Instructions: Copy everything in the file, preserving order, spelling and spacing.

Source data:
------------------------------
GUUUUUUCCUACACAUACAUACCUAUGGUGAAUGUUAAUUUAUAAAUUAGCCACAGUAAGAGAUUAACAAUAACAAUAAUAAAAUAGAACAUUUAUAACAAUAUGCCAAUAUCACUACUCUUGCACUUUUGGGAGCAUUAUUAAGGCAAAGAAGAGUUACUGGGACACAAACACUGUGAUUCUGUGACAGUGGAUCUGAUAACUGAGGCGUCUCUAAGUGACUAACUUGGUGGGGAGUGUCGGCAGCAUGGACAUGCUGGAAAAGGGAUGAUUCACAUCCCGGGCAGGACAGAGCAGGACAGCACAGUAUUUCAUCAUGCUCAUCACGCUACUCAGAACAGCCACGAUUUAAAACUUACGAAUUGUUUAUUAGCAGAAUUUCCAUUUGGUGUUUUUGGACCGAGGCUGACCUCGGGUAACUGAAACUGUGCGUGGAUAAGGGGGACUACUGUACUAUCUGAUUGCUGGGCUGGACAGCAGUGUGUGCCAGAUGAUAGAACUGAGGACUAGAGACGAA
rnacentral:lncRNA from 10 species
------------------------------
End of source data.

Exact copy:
GUUUUUUCCUACACAUACAUACCUAUGGUGAAUGUUAAUUUAUAAAUUAGCCACAGUAAGAGAUUAACAAUAACAAUAAUAAAAUAGAACAUUUAUAACAAUAUGCCAAUAUCACUACUCUUGCACUUUUGGGAGCAUUAUUAAGGCAAAGAAGAGUUACUGGGACACAAACACUGUGAUUCUGUGACAGUGGAUCUGAUAACUGAGGCGUCUCUAAGUGACUAACUUGGUGGGGAGUGUCGGCAGCAUGGACAUGCUGGAAAAGGGAUGAUUCACAUCCCGGGCAGGACAGAGCAGGACAGCACAGUAUUUCAUCAUGCUCAUCACGCUACUCAGAACAGCCACGAUUUAAAACUUACGAAUUGUUUAUUAGCAGAAUUUCCAUUUGGUGUUUUUGGACCGAGGCUGACCUCGGGUAACUGAAACUGUGCGUGGAUAAGGGGGACUACUGUACUAUCUGAUUGCUGGGCUGGACAGCAGUGUGUGCCAGAUGAUAGAACUGAGGACUAGAGACGAA
rnacentral:lncRNA from 10 species